], have been cloned by mapped based cloning, and both of them encode ethylene-responsive factor-type transcription factors that have evolved opposite functions to adapt to different types of flood. In Arabidopsis, studies have revealed that oxygen sensing is mediated by group VII ERF (ethylene response factor) TFs through the N-End rule pathway [33
Although many transcriptomic studies on waterlogging have addressed similar topics with regard to gene expression in response to waterlogging, this response has proven to have a very complex mechanism. Indeed, understanding the mechanisms that coordinate the regulation of waterlogging tolerance remains a fundamental challenge. Furthermore, there is still no report of a large-scale of gene expression analysis of the response to waterlogging in rapeseed (Brassica napus L.).
Rapeseed is particularly sensitive to waterlogging. The plants experience waterlogging when directly sown in paddy field planted as a rotation crop following rice in China, the largest rapeseed-planting country in the world [29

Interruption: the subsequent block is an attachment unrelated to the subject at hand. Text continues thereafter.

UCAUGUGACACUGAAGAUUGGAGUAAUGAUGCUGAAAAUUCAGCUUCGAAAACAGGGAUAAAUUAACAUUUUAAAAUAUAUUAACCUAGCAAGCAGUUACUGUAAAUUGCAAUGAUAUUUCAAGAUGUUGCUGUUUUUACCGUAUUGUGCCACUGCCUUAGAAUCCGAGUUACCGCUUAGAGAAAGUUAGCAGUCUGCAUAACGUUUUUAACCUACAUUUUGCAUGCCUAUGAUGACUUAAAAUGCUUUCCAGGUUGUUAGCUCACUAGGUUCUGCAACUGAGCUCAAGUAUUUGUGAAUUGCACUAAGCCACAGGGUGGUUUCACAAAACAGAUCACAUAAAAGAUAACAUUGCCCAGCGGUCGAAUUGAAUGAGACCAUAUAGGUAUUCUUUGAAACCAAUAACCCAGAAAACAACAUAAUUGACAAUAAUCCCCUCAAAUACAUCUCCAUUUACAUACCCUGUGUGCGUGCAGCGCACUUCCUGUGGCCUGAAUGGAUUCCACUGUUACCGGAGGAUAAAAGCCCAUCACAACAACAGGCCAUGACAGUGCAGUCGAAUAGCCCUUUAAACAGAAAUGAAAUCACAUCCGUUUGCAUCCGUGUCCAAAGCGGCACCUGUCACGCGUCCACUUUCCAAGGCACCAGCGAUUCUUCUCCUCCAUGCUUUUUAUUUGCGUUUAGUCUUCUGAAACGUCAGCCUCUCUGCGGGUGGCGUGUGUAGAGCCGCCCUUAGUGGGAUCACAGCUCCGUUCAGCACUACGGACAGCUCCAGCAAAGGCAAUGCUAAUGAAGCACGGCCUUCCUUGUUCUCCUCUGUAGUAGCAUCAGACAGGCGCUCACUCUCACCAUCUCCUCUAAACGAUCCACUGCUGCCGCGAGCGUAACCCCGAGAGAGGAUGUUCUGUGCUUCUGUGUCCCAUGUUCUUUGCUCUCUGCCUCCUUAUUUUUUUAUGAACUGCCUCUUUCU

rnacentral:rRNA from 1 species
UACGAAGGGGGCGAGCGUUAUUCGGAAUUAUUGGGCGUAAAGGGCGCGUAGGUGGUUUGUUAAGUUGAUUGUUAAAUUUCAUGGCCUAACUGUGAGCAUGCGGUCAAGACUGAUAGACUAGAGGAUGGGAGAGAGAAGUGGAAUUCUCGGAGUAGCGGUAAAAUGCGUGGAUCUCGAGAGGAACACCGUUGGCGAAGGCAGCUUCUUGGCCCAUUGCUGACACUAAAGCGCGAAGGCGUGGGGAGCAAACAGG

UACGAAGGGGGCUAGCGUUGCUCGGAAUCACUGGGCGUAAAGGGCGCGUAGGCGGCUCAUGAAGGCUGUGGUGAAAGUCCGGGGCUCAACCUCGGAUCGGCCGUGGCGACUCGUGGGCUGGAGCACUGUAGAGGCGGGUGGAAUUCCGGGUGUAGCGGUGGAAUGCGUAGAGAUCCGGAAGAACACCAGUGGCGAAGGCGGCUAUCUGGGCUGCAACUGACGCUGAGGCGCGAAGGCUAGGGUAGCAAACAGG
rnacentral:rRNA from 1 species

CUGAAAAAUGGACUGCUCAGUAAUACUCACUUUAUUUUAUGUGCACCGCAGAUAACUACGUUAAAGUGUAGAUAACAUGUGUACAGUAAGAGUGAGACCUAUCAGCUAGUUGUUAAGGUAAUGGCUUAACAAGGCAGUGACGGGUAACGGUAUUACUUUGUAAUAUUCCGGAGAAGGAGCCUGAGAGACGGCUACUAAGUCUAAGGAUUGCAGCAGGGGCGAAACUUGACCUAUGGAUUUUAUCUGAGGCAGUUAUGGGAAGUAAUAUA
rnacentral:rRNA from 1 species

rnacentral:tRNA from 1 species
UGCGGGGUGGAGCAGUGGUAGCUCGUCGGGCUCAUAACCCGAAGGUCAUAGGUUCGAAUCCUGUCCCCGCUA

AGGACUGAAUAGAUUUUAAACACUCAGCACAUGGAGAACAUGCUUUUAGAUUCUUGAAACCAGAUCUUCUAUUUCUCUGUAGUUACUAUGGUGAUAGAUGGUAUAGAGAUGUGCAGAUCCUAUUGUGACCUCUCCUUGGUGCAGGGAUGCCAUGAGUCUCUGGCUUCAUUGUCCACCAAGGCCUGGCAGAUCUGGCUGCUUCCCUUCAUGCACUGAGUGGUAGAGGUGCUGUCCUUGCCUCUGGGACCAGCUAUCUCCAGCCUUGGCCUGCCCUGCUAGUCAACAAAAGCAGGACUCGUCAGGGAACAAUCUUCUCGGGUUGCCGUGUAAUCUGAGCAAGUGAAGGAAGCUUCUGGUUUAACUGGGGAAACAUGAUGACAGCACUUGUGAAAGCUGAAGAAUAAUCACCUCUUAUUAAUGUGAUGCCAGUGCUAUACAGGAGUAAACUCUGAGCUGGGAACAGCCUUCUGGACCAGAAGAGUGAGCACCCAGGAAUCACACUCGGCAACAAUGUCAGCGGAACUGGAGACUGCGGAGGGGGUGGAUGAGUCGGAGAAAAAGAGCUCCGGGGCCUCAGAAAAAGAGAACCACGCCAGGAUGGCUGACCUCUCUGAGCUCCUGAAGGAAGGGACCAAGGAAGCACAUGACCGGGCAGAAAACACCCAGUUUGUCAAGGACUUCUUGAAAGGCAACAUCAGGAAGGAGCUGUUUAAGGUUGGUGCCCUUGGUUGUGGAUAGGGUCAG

]. Because there is a need to understand the response to waterlogging in rapeseed, it is necessary and helpful to study expression profiles under waterlogging in a tolerant variety of rapeseed.
To gain comprehensive insight into how rapeseed responds to waterlogging and to identify the genes important in mounting a response of waterlogging tolerance, here we report a detailed analysis of gene expression profiling in ZS9, a waterlogging-tolerant variety [29
], at the vegetative growth stage under waterlogging using digital gene expression (DGE) method, a powerful tool for studying high-throughput gene expression profiling [34